BY JENNIFER WRIGHT
The latest installment in our series highlighting local architects introduces us to Erica Dunn, lead architect at Green Hammer. Serving as the design team manager and lead architect in this design-build firm, Erica guides the design process and ensures steady collaboration as projects transition to the build team. A world traveler at a young age and quick with math, she initially began college studies at Berkeley focusing on international business but changed course fairly quickly once exposed to the potential of design and art. Finding something so fresh and different allowed Erica to see an artistic side she didn’t know existed, especially when until that moment she insists “there was no artistic aspect to my personality!” That initial joy at finding her talent towards design has since grown and is now coupled with a deep passion towards sustainability. Starting as an intern at a residential firm in the Bay Area after graduation, she has travelled full circle back to residential projects, in addition to commercial and multi-family projects, with Green Hammer after seven years at Hennebery Eddy Architects. Inspired by the design-build company’s mission and ambitions to create transformative buildings, it’s clear in speaking with Erica that the collaborative process of integrated design is a natural fit for someone who’s comfortable with both her analytical and creative sides.
Portland Architecture: When did you first become interested in architecture as a possible career?
Erica Dunn: I had no idea I wanted to be an architect until my freshman year in college. I went to the University of California at Berkeley thinking I would study international business. Partway through my freshman year I realized I had no interest in studying business, that I had just chosen it because it seemed like a respectable career and I liked math. I remember sitting in my dorm room going through the entire degree catalog at Berkeley trying to figure out what else I could major in. The only two that jumped out at me were psychology and architecture. I was already in an intro-to-psychology class and a friend of mine, who was studying architecture, encouraged me to take the introductory architecture class. It was a lecture course that looked at the role and impact of architecture across a wide range of scales – from our cities, to public spaces, to our homes, and finally to its impact on the human experience and our emotions. I realized that studying architecture was not just the study of design but also of human psychology and how to create spaces that could have a positive impact on the human experience.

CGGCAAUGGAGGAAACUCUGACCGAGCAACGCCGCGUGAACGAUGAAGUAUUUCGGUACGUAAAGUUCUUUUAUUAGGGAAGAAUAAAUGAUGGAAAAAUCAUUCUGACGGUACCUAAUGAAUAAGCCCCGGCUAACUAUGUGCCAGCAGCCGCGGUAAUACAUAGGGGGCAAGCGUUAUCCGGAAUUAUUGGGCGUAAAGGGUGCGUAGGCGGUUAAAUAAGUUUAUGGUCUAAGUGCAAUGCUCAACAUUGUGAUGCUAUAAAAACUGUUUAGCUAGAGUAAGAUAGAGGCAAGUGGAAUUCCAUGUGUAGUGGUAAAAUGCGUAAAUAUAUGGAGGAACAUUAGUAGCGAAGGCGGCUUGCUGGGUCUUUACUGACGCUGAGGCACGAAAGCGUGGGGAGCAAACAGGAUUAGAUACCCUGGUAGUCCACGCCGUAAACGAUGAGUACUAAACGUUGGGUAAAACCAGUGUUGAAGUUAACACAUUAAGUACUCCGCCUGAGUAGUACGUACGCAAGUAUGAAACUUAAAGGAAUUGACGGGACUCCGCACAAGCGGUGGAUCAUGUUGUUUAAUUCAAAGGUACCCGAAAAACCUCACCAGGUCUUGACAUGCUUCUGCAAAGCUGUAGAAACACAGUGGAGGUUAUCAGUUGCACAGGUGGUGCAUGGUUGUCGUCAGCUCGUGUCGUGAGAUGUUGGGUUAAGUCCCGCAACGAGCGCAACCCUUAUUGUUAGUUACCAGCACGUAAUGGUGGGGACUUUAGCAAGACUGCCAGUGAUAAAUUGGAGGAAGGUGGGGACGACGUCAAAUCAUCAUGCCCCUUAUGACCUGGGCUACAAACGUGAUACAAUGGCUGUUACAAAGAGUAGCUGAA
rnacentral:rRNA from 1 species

Where did you study architecture and how would you rate the experience?
My undergraduate degree in architecture is from Berkeley and my master’s is from University of Oregon, in the Portland program. While they were pretty different experiences they did have two things in common that had a huge impact on me – they both had sustainable design at the core of their teachings and were both extremely collaborative environments.
Berkeley’s curriculum had a very strong design and art focus for which I am extremely grateful. Not realizing I wanted to be an architect until after I was in college I look back and realize how lucky I was to be, first, at an undergraduate program that actually had architecture as a degree choice and, second, was also one of the top architecture programs in the country. Growing up my only artistic endeavors were music and dance focused, never drawing. Berkeley had amazing visual studies courses that I threw myself into and really discovered a whole other side of myself and a new means of communication. The studios were very intentional building blocks that focused on the fundamentals of design and developing a strong understanding of intentional and intuitive design decisions. They also focused on architecture at the granular scale in terms of the elements that make up a building and how to use those to create space.
The University of Oregon was an excellent bookend to Berkeley, with the focus on urban design - how buildings create spaces within a city – and the tectonic aspect of architecture.
What is your favorite building project that you’ve worked on?